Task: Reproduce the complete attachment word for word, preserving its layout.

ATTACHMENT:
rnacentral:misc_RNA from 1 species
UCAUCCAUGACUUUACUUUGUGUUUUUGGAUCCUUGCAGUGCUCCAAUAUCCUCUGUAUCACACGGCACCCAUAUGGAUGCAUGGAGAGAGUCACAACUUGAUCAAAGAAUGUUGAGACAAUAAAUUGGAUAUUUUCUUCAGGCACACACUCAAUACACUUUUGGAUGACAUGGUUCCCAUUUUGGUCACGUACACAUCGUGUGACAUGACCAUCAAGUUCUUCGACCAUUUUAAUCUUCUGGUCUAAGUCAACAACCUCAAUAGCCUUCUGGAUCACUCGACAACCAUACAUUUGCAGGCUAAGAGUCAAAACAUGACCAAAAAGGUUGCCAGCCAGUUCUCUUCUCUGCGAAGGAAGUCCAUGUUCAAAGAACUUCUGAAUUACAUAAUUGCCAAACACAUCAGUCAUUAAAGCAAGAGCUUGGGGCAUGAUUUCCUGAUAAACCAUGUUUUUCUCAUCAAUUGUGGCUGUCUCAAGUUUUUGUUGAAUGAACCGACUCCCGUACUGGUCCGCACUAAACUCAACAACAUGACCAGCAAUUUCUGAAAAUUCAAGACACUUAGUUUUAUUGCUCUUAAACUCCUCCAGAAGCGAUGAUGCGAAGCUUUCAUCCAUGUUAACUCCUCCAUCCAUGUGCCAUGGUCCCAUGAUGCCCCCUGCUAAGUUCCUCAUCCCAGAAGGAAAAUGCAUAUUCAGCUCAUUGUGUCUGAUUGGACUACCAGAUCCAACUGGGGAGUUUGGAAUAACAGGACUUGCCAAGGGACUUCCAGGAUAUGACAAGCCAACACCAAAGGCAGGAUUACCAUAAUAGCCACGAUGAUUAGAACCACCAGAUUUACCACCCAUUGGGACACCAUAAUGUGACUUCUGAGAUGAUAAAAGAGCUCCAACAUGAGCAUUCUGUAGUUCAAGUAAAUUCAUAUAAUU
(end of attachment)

rnacentral:misc_RNA from 1 species
UCAUCCAUGACUUUACUUUGUGUUUUUGGAUCCUUGCAGUGCUCCAAUAUCCUCUGUAUCACACGGCACCCAUAUGGAUGCAUGGAGAGAGUCACAACUUGAUCAAAGAAUGUUGAGACAAUAAAUUGGAUAUUUUCUUCAGGCACACACUCAAUACACUUUUGGAUGACAUGGUUCCCAUUUUGGUCACGUACACAUCGUGUGACAUGACCAUCAAGUUCUUCGACCAUUUUAAUCUUCUGGUCUAAGUCAACAACCUCAAUAGCCUUCUGGAUCACUCGACAACCAUACAUUUGCAGGCUAAGAGUCAAAACAUGACCAAAAAGGUUGCCAGCCAGUUCUCUUCUCUGCGAAGGAAGUCCAUGUUCAAAGAACUUCUGAAUUACAUAAUUGCCAAACACAUCAGUCAUUAAAGCAAGAGCUUGGGGCAUGAUUUCCUGAUAAACCAUGUUUUUCUCAUCAAUUGUGGCUGUCUCAAGUUUUUGUUGAAUGAACCGACUCCCGUACUGGUCCGCACUAAACUCAACAACAUGACCAGCAAUUUCUGAAAAUUCAAGACACUUAGUUUUAUUGCUCUUAAACUCCUCCAGAAGCGAUGAUGCGAAGCUUUCAUCCAUGUUAACUCCUCCAUCCAUGUGCCAUGGUCCCAUGAUGCCCCCUGCUAAGUUCCUCAUCCCAGAAGGAAAAUGCAUAUUCAGCUCAUUGUGUCUGAUUGGACUACCAGAUCCAACUGGGGAGUUUGGAAUAACAGGACUUGCCAAGGGACUUCCAGGAUAUGACAAGCCAACACCAAAGGCAGGAUUACCAUAAUAGCCACGAUGAUUAGAACCACCAGAUUUACCACCCAUUGGGACACCAUAAUGUGACUUCUGAGAUGAUAAAAGAGCUCCAACAUGAGCAUUCUGUAGUUCAAGUAAAUUCAUAUAAUU